4.  The Practice of Paying Attention

"When we are taking time to pay attention, we never know when God will show up!" (60)  "How much paying attention am I doing--really?" (62)  "Learning to pay attention and knowing what to pay attention to is a key discipline for leaders….  One of the downsides of visionary leadership is that we can get our sights set on something that is so far out in the future that we miss what's going on in our life as it exists now.  We are blind to the bush that is burning in our own backyard…."  (63) 


"If spiritual leadership is anything, it is the capacity to see the bush burning in the middle of our own life and having enough sense to turn aside, take off our shoes and pay attention!"  (64)  "At the heart of spiritual leadership is the capacity to notice the activity of God so we can join him in it. …an essential discipline for leaders is to craft times of quiet in which we allow God to show us those things that we might otherwise miss." (68)


5.  The Conundrum of Calling

"Our transformation is never for ourselves alone.  It is always for the sake of others."  (74)  "When God calls, it is a very big deal.  It is holy ground." (74)  "We 'see' with new eyes that God's call on our life is so tightly woven into the fabric of our being, so core to who we are, that to ignore it or to refuse it would be to jeopardize our well-being." (74) 


"Being called by God is one of the most essentially spiritual experiences of human existence, because it is a place where God's presence intersects with a human life." (76)


"God called Moses to be who he was, but he was also calling him to become something that he was not yet…." (77)  "Our calling is woven into the very fabric of our being as we have been created by God…." (77)


"Any kind of authentic calling usually takes us to a place where we have serious objections of some sort, places where we feel inadequate--where we confront our own willfulness and our preconceived ideas about how we thought our life would go, where we think what God is asking us to do is downright impossible or where we just don't want to take the risk.  But one of the ways we recognize calling is that it has come about in ways that could not be humanly orchestrated and so it cannot be easily dismissed.  'Vocational calling involves more riskiness and uncertainty.   While you won't be given 'more than you can bear,' you will be led by 'a way you do not know' to be a channel for race in ways you cannot adequately predict.'" (80)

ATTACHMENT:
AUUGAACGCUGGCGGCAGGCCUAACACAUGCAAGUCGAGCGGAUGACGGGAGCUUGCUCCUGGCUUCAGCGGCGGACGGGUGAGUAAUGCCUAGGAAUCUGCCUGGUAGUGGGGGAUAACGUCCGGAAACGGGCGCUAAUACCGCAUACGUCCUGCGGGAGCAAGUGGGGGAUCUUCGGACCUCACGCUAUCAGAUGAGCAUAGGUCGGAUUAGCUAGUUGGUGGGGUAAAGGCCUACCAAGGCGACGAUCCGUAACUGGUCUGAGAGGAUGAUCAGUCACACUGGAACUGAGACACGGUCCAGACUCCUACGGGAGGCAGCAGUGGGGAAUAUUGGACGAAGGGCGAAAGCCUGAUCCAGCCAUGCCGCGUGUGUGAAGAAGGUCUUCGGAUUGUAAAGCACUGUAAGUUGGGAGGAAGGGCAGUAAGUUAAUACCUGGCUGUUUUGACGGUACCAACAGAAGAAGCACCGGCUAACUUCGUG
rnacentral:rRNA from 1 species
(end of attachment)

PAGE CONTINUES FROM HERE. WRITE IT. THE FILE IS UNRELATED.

6.  Guiding Others on the Spiritual Journey

"The great illusion of leadership is to think that man can be led out of the desert by someone who has never been there." (87, quoting Henri Nouwen, The Wounded Healer)


"Have I learned enough about how to wait on God in my own life to be able to call others to wait when that is what's truly needed?  Have I done enough spiritual journeying to lead people on this part of their journey?" (98) 


7.  Living Within Limits

"It is a very humbling moment in the life of a leader when we realize that we have taken on too much." (103)  "There is a limit." (103)  Learn to recognize the signs: irritability, hypersensitivy, restlessness, compulsive overworking, emotional numbness, escapist behaviors, not able to exercise and eat right, slipping in our spiritual practices, etc,  (104-5) 


"We are driven by our grandiosity more than we think." (110)  "The good news is that there is something deeply spiritual about living and working within our God-ordained limits--or to put it another way, living fully and acceptingly within our own set of realities." (112)


8.  Spiritual Rhythms in the Life of a Leader

"There is nothing more crucial to the staying power of the leader than establishing rhythms that keep us replenished--body, mind and soul."  "All organisms follow life-sustaining rhythms." (122)


"It takes profound willingness to invite God to…show us the difference between the performance-oriented drivenness of the false self and the deeper calling to lead from our authentic self in God." (126) "It is impossible to overstate how dangerous we can become as leaders if we are not routinely inviting God to search us and know us and lead us in a new way." (127)


9.  Leadership as Intercession